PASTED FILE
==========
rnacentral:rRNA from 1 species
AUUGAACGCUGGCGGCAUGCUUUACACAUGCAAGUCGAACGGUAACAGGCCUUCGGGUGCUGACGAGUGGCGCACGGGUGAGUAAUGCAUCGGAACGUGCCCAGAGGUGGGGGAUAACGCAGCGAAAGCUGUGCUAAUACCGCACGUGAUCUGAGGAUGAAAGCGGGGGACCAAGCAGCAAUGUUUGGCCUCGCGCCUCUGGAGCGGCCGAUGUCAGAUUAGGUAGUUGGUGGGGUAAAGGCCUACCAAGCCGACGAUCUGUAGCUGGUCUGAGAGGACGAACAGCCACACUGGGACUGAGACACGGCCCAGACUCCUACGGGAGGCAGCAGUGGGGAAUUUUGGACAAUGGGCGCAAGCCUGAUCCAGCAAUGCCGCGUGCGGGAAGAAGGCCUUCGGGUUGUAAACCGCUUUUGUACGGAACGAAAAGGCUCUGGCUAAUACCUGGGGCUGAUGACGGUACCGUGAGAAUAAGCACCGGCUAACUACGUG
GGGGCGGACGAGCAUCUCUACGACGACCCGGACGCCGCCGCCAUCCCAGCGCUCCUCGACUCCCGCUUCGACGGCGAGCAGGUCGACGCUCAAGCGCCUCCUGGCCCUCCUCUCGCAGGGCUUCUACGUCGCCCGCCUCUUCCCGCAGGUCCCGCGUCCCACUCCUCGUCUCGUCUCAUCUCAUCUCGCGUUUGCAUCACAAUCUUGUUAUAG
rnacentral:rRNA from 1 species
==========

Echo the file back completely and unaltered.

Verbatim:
rnacentral:rRNA from 1 species
AUUGAACGCUGGCGGCAUGCUUUACACAUGCAAGUCGAACGGUAACAGGCCUUCGGGUGCUGACGAGUGGCGCACGGGUGAGUAAUGCAUCGGAACGUGCCCAGAGGUGGGGGAUAACGCAGCGAAAGCUGUGCUAAUACCGCACGUGAUCUGAGGAUGAAAGCGGGGGACCAAGCAGCAAUGUUUGGCCUCGCGCCUCUGGAGCGGCCGAUGUCAGAUUAGGUAGUUGGUGGGGUAAAGGCCUACCAAGCCGACGAUCUGUAGCUGGUCUGAGAGGACGAACAGCCACACUGGGACUGAGACACGGCCCAGACUCCUACGGGAGGCAGCAGUGGGGAAUUUUGGACAAUGGGCGCAAGCCUGAUCCAGCAAUGCCGCGUGCGGGAAGAAGGCCUUCGGGUUGUAAACCGCUUUUGUACGGAACGAAAAGGCUCUGGCUAAUACCUGGGGCUGAUGACGGUACCGUGAGAAUAAGCACCGGCUAACUACGUG
GGGGCGGACGAGCAUCUCUACGACGACCCGGACGCCGCCGCCAUCCCAGCGCUCCUCGACUCCCGCUUCGACGGCGAGCAGGUCGACGCUCAAGCGCCUCCUGGCCCUCCUCUCGCAGGGCUUCUACGUCGCCCGCCUCUUCCCGCAGGUCCCGCGUCCCACUCCUCGUCUCGUCUCAUCUCAUCUCGCGUUUGCAUCACAAUCUUGUUAUAG
rnacentral:rRNA from 1 species